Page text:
Planned Giving

The Heritage Club

The YMCA established its Heritage Club to honor those friends who, by including the YMCA in their financial and estate planning, have ensured our programs and services will positively impact the lives of future generations to come. A planned gift can also bring financial benefits to the donor and their family by reducing or eliminating estate taxes; converting low-yielding assets into a higher income stream at reduced capital gains cost; and producing significant income tax deductions.

There are many different types of planned gifts, including:


The YMCA receives a gift provided for in a donor's will. The gift may be a percentage of a donor's estate, a specific dollar amount, the residual of the estate, or a certain piece of personal property. The gift reduces estate tax obligations.

Charitable Gift Annuities

In exchange for an irrevocable gift of cash and/or securities, the YMCA will provide fixed income payments to the donor for up to two lifetimes. The gift will provide an immediate charitable income tax deduction and, in most cases, a portion of the payments will be tax-free. The annuity rate is determined by the age of the annuitant(s) at the time the gift is made. The minimum contribution required to establish a charitable gift annuity with the YMCA is $10,000.

Deferred Charitable Gift Annuities

Similar to a charitable gift annuity, the donor receives an immediate income tax deduction for the gift. At a later date (usually retirement) the donor begins receiving a fixed income from the YMCA. Because the principal compounds between the date of the gift and first date of payment, the income stream can be significant.

Life Insurance Policies

When the YMCA is named as the beneficiary and owner of a life insurance policy the donor receives an immediate charitable income tax deduction. If the policy is not paid up, this tax deduction is approximately the policy's present cash surrender value. If the donor chooses to continue paying the premiums, he/she will receive a charitable deduction(s) for the amount paid. The full face value of the policy is removed from the donor's taxable estate.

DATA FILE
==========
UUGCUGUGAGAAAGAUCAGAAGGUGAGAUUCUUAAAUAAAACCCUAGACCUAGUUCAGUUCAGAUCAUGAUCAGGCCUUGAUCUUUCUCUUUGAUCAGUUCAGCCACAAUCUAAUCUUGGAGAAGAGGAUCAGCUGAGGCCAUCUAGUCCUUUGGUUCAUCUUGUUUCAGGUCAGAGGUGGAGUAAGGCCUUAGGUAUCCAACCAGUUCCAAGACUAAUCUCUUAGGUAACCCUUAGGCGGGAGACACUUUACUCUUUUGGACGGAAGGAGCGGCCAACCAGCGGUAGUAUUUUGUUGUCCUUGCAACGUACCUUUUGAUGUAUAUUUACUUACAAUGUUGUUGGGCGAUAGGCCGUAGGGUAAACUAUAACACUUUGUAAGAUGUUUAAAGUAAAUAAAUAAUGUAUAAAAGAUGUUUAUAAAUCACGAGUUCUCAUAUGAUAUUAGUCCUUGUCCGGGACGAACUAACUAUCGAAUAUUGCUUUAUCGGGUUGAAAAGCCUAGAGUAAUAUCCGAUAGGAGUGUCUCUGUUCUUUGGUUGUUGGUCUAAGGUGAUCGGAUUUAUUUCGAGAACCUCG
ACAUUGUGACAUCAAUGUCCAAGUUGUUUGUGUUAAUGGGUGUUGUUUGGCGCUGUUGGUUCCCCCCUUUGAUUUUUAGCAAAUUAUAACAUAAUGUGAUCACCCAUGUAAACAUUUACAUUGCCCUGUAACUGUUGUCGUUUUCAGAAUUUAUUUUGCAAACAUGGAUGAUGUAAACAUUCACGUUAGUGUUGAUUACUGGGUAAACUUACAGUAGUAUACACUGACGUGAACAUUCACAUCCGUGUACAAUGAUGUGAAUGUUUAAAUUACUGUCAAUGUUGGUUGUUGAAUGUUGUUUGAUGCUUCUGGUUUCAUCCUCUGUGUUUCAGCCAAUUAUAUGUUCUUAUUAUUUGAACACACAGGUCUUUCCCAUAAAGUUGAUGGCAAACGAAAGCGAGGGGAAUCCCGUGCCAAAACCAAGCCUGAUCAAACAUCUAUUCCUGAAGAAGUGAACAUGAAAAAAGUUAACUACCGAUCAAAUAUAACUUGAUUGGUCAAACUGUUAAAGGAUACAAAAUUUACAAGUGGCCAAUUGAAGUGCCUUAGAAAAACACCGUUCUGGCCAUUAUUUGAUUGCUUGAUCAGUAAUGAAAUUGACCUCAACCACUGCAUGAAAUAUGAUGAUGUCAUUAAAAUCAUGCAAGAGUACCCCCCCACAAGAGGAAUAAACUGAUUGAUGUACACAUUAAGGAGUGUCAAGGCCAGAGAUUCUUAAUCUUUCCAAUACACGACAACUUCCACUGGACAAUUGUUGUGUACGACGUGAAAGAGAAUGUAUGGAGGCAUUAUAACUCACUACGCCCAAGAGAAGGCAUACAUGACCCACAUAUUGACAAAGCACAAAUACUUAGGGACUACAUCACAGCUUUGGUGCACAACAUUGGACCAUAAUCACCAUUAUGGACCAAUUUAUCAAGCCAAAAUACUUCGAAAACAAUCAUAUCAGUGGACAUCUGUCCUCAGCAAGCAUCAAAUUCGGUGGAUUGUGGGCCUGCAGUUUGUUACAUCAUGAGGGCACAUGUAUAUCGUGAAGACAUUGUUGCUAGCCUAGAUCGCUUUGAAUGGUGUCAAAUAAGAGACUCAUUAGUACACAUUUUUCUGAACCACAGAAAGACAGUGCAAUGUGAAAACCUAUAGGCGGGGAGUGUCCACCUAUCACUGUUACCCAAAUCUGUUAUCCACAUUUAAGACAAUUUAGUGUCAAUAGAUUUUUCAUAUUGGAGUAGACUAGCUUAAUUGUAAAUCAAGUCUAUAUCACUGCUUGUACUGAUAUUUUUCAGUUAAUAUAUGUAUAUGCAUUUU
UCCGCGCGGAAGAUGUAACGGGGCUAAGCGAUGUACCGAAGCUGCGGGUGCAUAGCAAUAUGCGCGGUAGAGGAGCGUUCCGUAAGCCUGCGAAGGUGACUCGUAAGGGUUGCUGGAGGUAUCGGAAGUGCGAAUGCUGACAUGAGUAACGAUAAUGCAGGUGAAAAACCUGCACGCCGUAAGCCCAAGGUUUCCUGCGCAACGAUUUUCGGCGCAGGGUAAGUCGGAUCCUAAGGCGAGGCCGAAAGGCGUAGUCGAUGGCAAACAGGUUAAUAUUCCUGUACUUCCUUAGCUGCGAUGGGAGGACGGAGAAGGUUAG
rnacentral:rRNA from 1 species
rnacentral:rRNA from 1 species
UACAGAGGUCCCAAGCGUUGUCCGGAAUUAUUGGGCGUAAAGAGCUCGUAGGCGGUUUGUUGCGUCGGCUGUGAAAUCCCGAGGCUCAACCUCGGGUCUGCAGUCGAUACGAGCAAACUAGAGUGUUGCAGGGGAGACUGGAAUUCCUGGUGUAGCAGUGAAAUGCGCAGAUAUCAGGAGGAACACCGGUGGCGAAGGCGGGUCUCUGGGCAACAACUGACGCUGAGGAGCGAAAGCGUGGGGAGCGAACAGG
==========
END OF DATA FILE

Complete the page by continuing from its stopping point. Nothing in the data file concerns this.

Retirement Plans

Individuals at least 70½ years of age are able to make tax-free gifts from IRA funds that would be subject to taxes if withdrawn voluntarily or withdrawn under mandatory requirements. Donors may choose to make charitable contributions in any amount up to $100,000 per year. Couples with separate IRAs can each give up to that amount.

Charitable Remainder Unitrusts

A donor irrevocably transfers cash and/or securities to a trustee (often the YMCA itself) who pays the donor (or other individual) income for life or for an agreed-upon term. The amount to the donor is based on a percentage of the trust principal, recalculated each year, according to any increase in the value of the trust's assets. When the trust expires, the assets become the property of the YMCA.

Charitable Remainder Annuity Trusts

The donor receives a fixed income amount from the gift for the rest of his or her life. The amount to the donor is determined by the initial value of the trust's assets. More than one person may receive income. The principal becomes the property of the YMCA after the last beneficiary dies.

Real Estate

There are several types of real estate gifts. A donor may contribute real estate outright or transfer it in a bargain sale. A donor can use real estate to fund a gift annuity or a net income unitrust, thus converting a non-income producing asset that is presumably highly-appreciated into a life-income arrangement with significant tax benefits. Finally, a donor may make a gift of his or her residence to the YMCA while retaining the right to live in the residence for the rest of his or her life. The donor receives a tax deduction at the time of the gift and when the donor dies the property goes to the YMCA.

Our planned giving staff will be happy to meet with you and your financial advisor to design a plan that is uniquely tailored to meet your philanthropic objectives. Please contact Mary O’Leary for more information.